Delivering Bad News – Creating Positives from Negatives

Delivering bad news is never fun, but sometimes it is necessary.  As an employee, you might have to explain that your project has reached a dead end, or that sales are down —again.  As a manager, you might have to tell your staff about new budget cuts, or give an employee a negative performance review.  It’s natural to want to put off bad news for another day; but with the right presentation, you can ensure that your listeners walk away with the information they need and not a chip on their shoulder.  If you have trouble discussing disappointments, read on for dos and don’ts that will have your coworkers thanking you for the update instead of shooting the messenger.

DO practice your delivery before you meet.

Practice makes perfect.  Review what you want to say before you tell your coworker, and you will feel more confident (and less uncomfortable) when you actually have to do it.

DON’T let bad news come as a surprise.

It’s never a good idea to wait until the last minute.  Small, frequent updates, even if they’re negative, show respect for others’ time and can avoid angry reactions in the future.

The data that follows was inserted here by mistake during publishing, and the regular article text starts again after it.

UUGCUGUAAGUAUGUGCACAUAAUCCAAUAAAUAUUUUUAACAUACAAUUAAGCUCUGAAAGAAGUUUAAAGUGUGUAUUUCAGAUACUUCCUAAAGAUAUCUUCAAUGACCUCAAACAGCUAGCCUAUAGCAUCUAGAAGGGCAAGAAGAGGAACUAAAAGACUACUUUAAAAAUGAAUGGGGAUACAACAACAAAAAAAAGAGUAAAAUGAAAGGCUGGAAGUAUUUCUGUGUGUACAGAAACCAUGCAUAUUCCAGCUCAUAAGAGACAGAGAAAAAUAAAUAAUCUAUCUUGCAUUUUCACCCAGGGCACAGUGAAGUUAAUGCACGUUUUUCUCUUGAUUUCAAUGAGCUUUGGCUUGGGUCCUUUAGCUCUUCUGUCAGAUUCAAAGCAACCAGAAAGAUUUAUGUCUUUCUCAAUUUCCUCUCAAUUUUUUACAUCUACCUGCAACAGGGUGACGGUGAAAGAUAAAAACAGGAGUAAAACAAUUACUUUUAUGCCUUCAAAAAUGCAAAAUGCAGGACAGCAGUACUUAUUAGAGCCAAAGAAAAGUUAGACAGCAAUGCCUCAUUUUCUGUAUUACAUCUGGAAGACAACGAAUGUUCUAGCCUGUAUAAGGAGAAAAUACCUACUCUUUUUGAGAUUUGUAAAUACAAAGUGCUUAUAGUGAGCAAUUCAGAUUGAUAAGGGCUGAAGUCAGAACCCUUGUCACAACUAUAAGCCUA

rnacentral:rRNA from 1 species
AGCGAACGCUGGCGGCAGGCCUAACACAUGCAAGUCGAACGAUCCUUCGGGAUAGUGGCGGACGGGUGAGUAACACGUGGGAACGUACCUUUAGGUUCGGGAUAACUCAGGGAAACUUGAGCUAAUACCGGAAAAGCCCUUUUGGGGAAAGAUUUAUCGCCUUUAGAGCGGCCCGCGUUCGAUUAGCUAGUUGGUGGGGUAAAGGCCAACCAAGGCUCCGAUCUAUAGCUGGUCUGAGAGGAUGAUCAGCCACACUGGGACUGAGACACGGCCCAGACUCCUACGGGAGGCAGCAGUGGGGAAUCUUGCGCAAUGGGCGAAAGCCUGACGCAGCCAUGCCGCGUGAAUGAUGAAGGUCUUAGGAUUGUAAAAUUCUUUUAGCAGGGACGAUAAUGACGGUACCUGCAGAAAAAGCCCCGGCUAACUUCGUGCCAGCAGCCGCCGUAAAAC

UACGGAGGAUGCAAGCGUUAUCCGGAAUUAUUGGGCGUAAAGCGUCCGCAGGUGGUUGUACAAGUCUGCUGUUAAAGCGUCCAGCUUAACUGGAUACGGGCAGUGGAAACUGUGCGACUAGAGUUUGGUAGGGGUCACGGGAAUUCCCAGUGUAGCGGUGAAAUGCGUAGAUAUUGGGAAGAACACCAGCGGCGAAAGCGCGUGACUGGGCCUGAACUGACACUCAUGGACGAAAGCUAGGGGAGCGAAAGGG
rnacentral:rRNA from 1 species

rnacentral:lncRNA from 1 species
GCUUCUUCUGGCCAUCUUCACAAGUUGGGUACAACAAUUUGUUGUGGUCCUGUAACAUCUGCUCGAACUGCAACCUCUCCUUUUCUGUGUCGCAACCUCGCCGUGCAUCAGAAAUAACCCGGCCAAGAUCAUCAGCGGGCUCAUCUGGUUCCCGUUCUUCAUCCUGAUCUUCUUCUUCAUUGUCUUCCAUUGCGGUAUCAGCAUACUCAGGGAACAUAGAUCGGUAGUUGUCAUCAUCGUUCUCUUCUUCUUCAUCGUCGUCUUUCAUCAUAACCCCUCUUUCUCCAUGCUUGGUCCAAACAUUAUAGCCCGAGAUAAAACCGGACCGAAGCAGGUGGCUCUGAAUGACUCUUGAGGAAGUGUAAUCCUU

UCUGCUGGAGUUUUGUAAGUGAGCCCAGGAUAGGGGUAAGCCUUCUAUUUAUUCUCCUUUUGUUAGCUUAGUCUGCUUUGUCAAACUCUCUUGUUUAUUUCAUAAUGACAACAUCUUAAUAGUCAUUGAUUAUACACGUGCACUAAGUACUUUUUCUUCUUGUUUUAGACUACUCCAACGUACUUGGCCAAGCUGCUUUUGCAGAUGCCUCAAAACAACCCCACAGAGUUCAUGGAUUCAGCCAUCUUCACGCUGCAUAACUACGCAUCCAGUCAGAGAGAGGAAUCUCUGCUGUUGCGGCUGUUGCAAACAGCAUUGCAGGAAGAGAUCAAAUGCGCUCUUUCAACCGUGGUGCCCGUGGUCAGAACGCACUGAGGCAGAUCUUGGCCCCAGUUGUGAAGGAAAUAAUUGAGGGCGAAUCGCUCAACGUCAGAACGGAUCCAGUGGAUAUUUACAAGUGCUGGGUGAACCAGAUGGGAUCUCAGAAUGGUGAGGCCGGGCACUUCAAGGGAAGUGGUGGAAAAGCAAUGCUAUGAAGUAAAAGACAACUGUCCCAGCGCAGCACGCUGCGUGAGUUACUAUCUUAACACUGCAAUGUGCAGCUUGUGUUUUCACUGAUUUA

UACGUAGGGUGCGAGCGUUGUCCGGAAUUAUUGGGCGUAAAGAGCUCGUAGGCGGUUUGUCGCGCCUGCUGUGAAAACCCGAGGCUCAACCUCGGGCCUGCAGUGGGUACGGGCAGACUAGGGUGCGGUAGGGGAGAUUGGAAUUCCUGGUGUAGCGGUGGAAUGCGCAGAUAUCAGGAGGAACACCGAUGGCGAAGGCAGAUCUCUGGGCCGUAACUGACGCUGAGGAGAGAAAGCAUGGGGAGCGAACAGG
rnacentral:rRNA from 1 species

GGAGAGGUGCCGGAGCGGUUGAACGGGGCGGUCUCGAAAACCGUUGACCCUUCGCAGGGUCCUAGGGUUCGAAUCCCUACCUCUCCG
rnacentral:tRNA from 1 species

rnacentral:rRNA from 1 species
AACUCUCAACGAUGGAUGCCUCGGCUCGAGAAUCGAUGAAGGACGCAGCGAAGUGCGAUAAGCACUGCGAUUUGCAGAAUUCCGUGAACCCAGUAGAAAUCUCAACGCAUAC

DO make clear, specific points.

General complaints are unhelpful and do not get results.  To have a productive conversation, make a list of particular areas that are problems so that everyone understands what to fix.

DON’T withhold information.

If there are several reasons why your project can’t progress, mention all of them.  Bad news is often a problem that needs a solution; if part of the problem is missing, someone could choose the wrong solution.

DO show empathy for the recipient’s feelings.

Nobody likes to deliver bad news, but nobody likes to hear it, either.  If the recipient has an emotional response, acknowledge it.  He/she will be more likely to appreciate your message.

DON’T let feelings affect your decision.

If your coworker gets emotional, it’s important to treat him/her with dignity and respect.  However, emotions can’t control the conversation.  Don’t ‘take back’ the bad news to be kind, because it will only cause confusion.

DO end positively, offering solutions for the future.

Problems need to be solved, so be prepared to offer steps toward making bad news better.  Your coworker will see that you put thought and effort into the meeting and leave with hope instead of anger.

DON’T ignore feedback.

After stating the issue and possible solutions, ask if there’s any information you’re missing.  Maybe your coworker is aware of the problem, but there are other factors involved.  Sensitivity to other points of view and acceptance of advice can help communication in every workplace.

Most people are never totally comfortable giving bad news, but it is possible to improve your skills in this area.  The next time it’s your turn to discuss something unpleasant, follow the advice above—it’s sure to turn out better than you thought!

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